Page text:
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Knock-out success

It was the Olympic Games. I suddenly got a wave of fear because it was what I'd been working towards for four years.

Joe Joyce

Olympic champion and fine art alumnus Joe Joyce discovered he could excel at both boxing and painting while studying at Middlesex University.

Amateur boxer Joe Joyce achieved his ultimate ambition at the age of 30: to win an Olympic medal. But that’s not the end of his journey. With his motto being “to continually improve myself”, and his recent announcement that he will turn professional, it’s clearly only the beginning.

Despite looking like he was destined for a career in super heavyweight boxing, the towering 6ft 6in Londoner’s entry into the sport came about by chance. He’d always been sporty and was competing seriously in athletics while studying a BA Fine Art degree at Middlesex University. However, an Achilles heel injury and niggling self-doubt made him question whether he had what it took to get to the top. So in his final year he took to the gym to train in boxing instead.

“Winning an Olympic medal was always my long-term goal and target. I was hoping to get there through athletics, but I didn't get in through that door, so I tried another one and managed to get there through boxing,” he says.

Looking back, he says, he didn't ever feel the same passion for athletics as he does for boxing.

“I didn't feel the sense of achievement from athletics that I do in boxing. When I was supposed to be getting a picture taken for my bronze in the shotput, I was upstairs looking at the boxing,” he says.

An Olympic feat

He graduated with a 2:1 in Fine Art in 2009 but decided to see where boxing would take him. It’s been a long and hard journey but he has gone on to win British, Commonwealth, European, and World Championship medals and, of course, a silver Olympic medal at the Rio Olympics 2016.

Despite narrowly missing out on gold, after a controversial split decision to Tony Yoka of France, he says the whole experience in Rio was “incredible”. Not to mention surreal as he found himself alongside world-famous athletes such as Andy Murray, Mo Farrah and Ussain Bolt. Given his prowess in the ring, you’d think that nothing fazes him but you’d be wrong.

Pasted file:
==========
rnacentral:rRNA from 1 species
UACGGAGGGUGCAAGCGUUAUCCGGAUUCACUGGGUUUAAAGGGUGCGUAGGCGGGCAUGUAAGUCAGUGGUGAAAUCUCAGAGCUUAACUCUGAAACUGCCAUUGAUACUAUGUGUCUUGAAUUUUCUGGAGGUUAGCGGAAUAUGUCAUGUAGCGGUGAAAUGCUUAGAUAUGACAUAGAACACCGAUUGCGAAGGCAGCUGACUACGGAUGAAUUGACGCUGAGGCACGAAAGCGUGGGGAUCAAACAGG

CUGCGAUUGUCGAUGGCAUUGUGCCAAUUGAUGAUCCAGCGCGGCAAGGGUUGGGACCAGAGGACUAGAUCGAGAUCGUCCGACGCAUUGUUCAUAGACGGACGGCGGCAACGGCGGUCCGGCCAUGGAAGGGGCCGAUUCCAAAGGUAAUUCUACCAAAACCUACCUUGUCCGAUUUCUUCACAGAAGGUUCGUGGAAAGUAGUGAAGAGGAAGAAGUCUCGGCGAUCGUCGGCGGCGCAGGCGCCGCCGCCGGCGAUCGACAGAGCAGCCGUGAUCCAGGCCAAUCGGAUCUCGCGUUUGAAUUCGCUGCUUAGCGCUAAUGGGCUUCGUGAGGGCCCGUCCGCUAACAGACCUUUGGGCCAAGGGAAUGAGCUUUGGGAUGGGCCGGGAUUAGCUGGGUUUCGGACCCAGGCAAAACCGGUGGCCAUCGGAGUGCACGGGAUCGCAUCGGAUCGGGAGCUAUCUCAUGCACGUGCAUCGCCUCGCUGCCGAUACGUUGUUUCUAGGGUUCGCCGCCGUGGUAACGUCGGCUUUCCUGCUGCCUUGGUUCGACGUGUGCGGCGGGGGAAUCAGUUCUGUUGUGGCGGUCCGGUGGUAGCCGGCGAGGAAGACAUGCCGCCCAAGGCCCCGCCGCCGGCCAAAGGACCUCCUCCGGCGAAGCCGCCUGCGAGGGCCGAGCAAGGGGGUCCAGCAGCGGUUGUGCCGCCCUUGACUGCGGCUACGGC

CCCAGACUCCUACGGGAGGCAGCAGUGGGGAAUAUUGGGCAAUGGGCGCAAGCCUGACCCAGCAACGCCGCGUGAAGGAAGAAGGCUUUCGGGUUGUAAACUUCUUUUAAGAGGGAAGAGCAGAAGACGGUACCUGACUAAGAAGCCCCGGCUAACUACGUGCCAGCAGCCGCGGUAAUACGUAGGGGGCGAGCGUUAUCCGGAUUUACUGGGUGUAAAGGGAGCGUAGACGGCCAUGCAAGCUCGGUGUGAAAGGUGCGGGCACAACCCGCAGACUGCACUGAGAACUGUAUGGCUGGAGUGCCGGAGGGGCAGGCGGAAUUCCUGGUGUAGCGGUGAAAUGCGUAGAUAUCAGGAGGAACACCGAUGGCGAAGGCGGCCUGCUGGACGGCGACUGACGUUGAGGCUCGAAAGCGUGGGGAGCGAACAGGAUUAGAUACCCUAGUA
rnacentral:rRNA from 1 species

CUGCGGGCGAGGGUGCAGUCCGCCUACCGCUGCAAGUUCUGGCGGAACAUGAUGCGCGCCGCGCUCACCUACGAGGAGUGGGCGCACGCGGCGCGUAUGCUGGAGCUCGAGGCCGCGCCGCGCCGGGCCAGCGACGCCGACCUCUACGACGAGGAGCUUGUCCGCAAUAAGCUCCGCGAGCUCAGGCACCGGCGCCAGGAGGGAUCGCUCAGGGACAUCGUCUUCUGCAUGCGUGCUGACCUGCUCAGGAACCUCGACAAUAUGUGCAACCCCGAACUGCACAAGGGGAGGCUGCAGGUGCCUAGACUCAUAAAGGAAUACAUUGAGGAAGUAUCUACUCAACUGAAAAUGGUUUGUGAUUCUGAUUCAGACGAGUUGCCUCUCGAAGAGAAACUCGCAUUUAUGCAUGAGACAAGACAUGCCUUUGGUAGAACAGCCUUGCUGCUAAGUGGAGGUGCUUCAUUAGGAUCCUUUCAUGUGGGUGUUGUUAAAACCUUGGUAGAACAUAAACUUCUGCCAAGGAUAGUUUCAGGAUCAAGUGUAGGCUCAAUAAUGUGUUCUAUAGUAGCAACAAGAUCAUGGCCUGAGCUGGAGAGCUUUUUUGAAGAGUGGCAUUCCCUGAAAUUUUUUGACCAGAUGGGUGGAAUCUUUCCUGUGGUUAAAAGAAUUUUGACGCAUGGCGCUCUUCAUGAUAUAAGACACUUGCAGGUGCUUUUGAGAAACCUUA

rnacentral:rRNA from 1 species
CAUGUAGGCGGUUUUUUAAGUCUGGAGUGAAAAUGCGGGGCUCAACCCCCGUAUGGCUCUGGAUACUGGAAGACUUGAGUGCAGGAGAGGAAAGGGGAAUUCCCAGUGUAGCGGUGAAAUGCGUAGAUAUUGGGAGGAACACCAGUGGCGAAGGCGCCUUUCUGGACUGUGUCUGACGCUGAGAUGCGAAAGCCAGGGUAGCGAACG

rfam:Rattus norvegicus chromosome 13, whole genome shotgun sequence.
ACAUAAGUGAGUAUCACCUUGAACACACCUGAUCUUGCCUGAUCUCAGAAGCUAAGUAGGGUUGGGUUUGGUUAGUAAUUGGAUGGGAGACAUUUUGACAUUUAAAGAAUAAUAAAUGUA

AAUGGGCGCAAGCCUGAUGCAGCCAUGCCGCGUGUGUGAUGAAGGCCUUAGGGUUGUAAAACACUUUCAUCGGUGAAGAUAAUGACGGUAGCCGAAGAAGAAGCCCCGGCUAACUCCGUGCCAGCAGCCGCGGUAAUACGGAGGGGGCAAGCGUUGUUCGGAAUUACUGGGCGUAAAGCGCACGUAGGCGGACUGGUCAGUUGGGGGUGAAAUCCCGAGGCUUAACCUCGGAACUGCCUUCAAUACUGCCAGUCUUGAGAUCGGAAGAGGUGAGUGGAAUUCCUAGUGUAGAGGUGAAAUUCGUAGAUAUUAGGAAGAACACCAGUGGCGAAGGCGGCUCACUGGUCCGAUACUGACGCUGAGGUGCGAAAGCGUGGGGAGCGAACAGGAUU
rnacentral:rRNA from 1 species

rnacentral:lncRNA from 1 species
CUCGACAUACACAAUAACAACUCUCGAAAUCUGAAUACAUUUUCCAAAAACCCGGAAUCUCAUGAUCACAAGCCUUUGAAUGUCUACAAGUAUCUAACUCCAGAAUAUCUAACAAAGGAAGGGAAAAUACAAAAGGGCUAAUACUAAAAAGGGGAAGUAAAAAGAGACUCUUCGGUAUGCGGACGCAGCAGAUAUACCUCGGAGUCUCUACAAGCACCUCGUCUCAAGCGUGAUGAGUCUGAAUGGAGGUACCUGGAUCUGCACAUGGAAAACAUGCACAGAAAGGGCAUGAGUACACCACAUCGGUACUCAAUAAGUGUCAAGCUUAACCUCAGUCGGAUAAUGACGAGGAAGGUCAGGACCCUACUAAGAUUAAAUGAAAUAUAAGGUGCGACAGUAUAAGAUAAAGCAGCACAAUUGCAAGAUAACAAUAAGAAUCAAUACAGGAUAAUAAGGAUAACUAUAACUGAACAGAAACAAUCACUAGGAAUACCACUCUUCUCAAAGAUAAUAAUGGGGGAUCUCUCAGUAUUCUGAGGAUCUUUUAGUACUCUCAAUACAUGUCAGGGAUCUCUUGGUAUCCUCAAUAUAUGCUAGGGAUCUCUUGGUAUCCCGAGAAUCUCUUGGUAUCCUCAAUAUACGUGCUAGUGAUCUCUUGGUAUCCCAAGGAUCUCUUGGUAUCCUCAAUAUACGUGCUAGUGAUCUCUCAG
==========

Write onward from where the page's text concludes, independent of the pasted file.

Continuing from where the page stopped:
“I did have a moment in Rio when I was in my room after they had done the draw and I was boxing later that day. I suddenly got a wave of fear when I thought about it because it was the Olympic Games. It was such a big thing and it's what I'd been working towards for four years. I don't normally get like that. I'm usually quite cool and calm,” he says.

He and his teammates had very little sense of the levels of excitement around the games back in the UK so arriving back to a press scrum in Heathrow was a bit of a shock.

“There were hundreds of cameras and people greeting us from the airplane. People chasing us to get autographs. It kind of put things into perspective,” he says.

But he’s adjusting well to his newly-found fame as an Olympic medallist.  “It's all right,” he says grinning. “I’m happy to take a few selfies here and there.”

Finding his style

Joe is certainly asked to pose for a few on the day we meet to chat on the Hendon campus, happily stopping for snaps with staff and students in the Quad with his silver medal proudly held in hand.

Joe has fond memories of his time at Middlesex, relishing the freedom it gave him and the chance to unite his two seemingly opposite passions.

“I was like every other young person, struggling with what I wanted to do with my life. I was good at art and I was good at sport but Middlesex University helped me to find myself and my style,” he says.

He recalls being particularly inspired by two third-year art students – Glory Charles and Jeremy Lee, the former of which helped him to stretch his first canvas, and the tutors.

“I had a number of tutors who gave me good ideas and directions to take things further,” he says.

Joe lived in halls of residence in his first year, where he made some great friends. Although, he says, he was happy not to be too far from his home in south-west London and his mum’s cooking.

“It was good because I could go back home on the weekend and top up or bring some food back!”

Although Joe is focused on boxing now that doesn’t mean he won’t return to painting in the future.

“Once an artist, always an artist. I love art whether I get a chance to create it or not. My sole focus is boxing at the moment, because I don’t want to be a jack-of-all-trades and a master of none. So I'm being a master of one for now,” he says.

“But my long term thought is to do a Master’s after I've retired from boxing and to start it up again.”

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